I agree with not changing the feed - as log as he's getting enough hay every day with no long gaps in between feeds and the pellets are good quality - not high starch/sugar based then its best to leave him for now
The loose droppings are a warning sign that something isn't right in his digestive system and combined with the grumpy attitude when girthed might make me give him a little break from riding until its resolved - perhaps some quiet work on the lunge?
Except that he had loose stool since the day we got him, on October 3rd 2015 (literally, I remember because it's the first thing he did when he got on the trailer and the seller just said it was because he was nervous... but it has never gone away). This isn't new. We've been riding him all that time... and he's happy when being ridden. It doesn't mean I'm not going to keep trying to figure out if this is something we can change. It's entirely possible he's been living with this for quite some time. Or it's possible this is just how his stool is... he does drink a lot of water. And yes, I know, it might be a sign of IR or Cushings, but the vet and BO do not not think so. Just in case though, we are avoiding anything with high sugar or high starch in his diet. And if the worming and ulcer treatments don't help, we will do a full bloodwork analysis.
I know some of you think I'm over-thinking this and others think I should be more aggressive with treatment... yet others think I should just deal with it as a behavioral issue. I really do appreciate hearing a diversity of opinions because it helps me consider all possibilities. But believe me when I say I am exploring ALL of those possibilities, consulting with vets, the trimmer, a saddle fitter, an equine massage therapist, a horse trainer, and a horse nutritionist to get to the bottom of something that only bothers Harley about 2% of the time. Because 98% of the time, he looks and behaves like a happy, healthy horse. He is nippy for about 5 minutes after he is girthed, which is about 3-5 times a week. And I can't start changing everything around too quickly because it might aggravate the problem and we might then see a sudden improvement and not know whether it was the wormer, the ulcer meds or the change in diet that did it. I feel it's necessary to work through this by a process of elimination and give each treatment some time to work. Knowing the cause will help me make the lifestyle changes that will prevent it from recurring.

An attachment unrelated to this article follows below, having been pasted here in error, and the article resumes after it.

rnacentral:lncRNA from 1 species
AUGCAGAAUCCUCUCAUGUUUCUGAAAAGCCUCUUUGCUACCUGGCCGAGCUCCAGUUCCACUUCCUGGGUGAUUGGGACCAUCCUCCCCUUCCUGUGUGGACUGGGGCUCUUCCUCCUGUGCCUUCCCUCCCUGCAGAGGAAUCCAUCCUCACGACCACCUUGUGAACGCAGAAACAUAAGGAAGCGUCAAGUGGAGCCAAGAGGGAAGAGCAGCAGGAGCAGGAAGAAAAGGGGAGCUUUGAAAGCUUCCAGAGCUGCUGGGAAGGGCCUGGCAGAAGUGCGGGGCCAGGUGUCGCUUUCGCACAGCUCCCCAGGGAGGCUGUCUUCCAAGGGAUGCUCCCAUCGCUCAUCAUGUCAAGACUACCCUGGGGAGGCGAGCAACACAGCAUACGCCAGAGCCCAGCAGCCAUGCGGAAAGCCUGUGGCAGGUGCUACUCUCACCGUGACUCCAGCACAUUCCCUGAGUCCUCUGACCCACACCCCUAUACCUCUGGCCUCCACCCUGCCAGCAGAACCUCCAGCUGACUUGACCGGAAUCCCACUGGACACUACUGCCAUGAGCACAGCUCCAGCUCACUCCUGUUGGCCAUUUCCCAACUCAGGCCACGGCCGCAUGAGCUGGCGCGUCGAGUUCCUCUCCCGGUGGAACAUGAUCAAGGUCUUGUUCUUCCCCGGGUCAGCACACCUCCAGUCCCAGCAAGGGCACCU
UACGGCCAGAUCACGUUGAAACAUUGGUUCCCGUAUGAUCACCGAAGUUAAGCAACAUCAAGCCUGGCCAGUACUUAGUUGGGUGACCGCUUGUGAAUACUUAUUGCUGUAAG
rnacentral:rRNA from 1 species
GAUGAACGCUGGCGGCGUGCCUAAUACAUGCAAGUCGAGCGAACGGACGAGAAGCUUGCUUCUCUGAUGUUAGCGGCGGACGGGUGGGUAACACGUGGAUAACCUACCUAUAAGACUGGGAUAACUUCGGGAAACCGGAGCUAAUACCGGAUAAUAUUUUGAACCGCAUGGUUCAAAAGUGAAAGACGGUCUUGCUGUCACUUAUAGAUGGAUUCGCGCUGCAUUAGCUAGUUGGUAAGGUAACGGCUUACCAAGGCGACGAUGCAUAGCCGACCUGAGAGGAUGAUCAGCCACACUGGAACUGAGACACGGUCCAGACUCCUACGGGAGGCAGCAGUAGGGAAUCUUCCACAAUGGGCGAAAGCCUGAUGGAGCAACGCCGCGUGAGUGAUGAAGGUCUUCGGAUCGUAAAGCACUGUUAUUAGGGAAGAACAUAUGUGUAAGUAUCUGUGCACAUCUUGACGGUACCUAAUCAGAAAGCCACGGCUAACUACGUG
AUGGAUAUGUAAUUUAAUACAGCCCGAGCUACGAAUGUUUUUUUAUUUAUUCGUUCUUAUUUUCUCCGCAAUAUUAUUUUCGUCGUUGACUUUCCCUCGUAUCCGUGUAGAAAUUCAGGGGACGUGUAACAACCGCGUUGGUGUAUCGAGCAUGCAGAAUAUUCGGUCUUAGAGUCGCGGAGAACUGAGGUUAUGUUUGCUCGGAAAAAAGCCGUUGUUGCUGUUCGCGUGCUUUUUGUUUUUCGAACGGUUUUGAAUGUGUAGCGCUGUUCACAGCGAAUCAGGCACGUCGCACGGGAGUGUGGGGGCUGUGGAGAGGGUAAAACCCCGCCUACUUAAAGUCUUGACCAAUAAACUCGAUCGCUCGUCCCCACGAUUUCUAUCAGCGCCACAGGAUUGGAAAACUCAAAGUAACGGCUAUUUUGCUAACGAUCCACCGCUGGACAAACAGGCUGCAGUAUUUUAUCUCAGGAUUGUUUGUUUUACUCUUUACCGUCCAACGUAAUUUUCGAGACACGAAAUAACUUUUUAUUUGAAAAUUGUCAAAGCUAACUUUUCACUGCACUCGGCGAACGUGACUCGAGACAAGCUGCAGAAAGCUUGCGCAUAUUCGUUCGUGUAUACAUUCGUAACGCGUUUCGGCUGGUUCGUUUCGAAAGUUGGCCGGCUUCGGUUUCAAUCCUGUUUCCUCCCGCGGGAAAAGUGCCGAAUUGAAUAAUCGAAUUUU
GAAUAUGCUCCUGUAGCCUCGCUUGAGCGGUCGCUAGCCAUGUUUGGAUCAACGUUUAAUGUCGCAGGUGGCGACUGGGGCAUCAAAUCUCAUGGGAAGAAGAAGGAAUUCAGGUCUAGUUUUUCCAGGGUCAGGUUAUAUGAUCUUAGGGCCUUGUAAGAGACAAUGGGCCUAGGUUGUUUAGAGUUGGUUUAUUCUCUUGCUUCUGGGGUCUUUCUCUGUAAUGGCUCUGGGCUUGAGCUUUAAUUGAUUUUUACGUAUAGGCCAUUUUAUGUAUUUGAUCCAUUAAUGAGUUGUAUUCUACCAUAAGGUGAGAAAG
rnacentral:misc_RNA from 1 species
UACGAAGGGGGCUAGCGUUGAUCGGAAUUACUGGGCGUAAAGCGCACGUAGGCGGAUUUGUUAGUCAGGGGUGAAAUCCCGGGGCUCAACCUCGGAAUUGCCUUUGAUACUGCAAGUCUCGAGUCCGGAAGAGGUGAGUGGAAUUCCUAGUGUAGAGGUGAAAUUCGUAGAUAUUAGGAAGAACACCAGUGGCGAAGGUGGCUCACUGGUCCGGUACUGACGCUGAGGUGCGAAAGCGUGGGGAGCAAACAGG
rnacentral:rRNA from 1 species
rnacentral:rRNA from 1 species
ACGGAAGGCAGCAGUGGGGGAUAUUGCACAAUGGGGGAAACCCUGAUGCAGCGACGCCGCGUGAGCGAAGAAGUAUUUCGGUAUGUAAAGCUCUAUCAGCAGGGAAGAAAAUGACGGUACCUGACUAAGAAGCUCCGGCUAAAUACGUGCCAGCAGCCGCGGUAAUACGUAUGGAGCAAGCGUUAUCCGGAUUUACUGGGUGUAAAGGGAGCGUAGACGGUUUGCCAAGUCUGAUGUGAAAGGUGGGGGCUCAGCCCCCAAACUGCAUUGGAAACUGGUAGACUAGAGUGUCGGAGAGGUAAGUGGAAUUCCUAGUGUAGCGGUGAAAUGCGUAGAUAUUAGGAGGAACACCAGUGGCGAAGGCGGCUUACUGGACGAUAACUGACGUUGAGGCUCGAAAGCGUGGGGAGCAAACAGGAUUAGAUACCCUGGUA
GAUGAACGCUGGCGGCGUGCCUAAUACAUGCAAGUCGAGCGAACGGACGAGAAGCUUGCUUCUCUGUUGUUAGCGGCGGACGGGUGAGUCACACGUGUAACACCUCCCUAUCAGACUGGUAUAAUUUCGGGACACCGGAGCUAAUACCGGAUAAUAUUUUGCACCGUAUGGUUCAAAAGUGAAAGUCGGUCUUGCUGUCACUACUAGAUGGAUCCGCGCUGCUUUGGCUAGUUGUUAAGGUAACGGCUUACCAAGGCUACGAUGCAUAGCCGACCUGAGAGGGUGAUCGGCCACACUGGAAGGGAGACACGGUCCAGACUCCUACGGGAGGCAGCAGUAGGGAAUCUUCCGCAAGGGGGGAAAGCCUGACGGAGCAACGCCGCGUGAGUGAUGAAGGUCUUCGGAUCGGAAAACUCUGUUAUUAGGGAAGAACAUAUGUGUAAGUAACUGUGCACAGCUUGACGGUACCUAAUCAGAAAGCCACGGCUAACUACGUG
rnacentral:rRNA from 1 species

Of course I'd like to see my horse be happy 100% of the time and I do take nippiness very seriously. But it may take some time. I will keep you all posted!
Oh, and yes, he gets hay to munch on all day and part of the evening. It makes up the bulk of his diet.